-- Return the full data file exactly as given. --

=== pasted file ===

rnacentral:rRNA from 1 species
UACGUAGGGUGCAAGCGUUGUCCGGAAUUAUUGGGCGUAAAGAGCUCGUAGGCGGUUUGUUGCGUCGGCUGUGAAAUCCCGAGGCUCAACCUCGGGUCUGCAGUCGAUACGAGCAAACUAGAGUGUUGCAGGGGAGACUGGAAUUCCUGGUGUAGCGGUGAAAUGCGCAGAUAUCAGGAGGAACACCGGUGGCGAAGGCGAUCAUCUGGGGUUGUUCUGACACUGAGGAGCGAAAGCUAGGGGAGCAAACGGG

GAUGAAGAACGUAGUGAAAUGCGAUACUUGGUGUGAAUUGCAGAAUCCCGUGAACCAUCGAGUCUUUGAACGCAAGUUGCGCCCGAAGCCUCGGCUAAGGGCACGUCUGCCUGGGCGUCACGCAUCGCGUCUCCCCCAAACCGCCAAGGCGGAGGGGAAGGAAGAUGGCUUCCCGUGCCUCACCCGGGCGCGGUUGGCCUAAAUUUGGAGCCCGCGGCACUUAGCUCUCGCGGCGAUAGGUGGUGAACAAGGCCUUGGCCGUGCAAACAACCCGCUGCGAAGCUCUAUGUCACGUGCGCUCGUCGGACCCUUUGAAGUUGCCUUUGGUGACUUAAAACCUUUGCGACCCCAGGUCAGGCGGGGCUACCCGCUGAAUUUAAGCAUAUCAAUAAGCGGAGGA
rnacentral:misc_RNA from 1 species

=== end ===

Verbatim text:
rnacentral:rRNA from 1 species
UACGUAGGGUGCAAGCGUUGUCCGGAAUUAUUGGGCGUAAAGAGCUCGUAGGCGGUUUGUUGCGUCGGCUGUGAAAUCCCGAGGCUCAACCUCGGGUCUGCAGUCGAUACGAGCAAACUAGAGUGUUGCAGGGGAGACUGGAAUUCCUGGUGUAGCGGUGAAAUGCGCAGAUAUCAGGAGGAACACCGGUGGCGAAGGCGAUCAUCUGGGGUUGUUCUGACACUGAGGAGCGAAAGCUAGGGGAGCAAACGGG

GAUGAAGAACGUAGUGAAAUGCGAUACUUGGUGUGAAUUGCAGAAUCCCGUGAACCAUCGAGUCUUUGAACGCAAGUUGCGCCCGAAGCCUCGGCUAAGGGCACGUCUGCCUGGGCGUCACGCAUCGCGUCUCCCCCAAACCGCCAAGGCGGAGGGGAAGGAAGAUGGCUUCCCGUGCCUCACCCGGGCGCGGUUGGCCUAAAUUUGGAGCCCGCGGCACUUAGCUCUCGCGGCGAUAGGUGGUGAACAAGGCCUUGGCCGUGCAAACAACCCGCUGCGAAGCUCUAUGUCACGUGCGCUCGUCGGACCCUUUGAAGUUGCCUUUGGUGACUUAAAACCUUUGCGACCCCAGGUCAGGCGGGGCUACCCGCUGAAUUUAAGCAUAUCAAUAAGCGGAGGA
rnacentral:misc_RNA from 1 species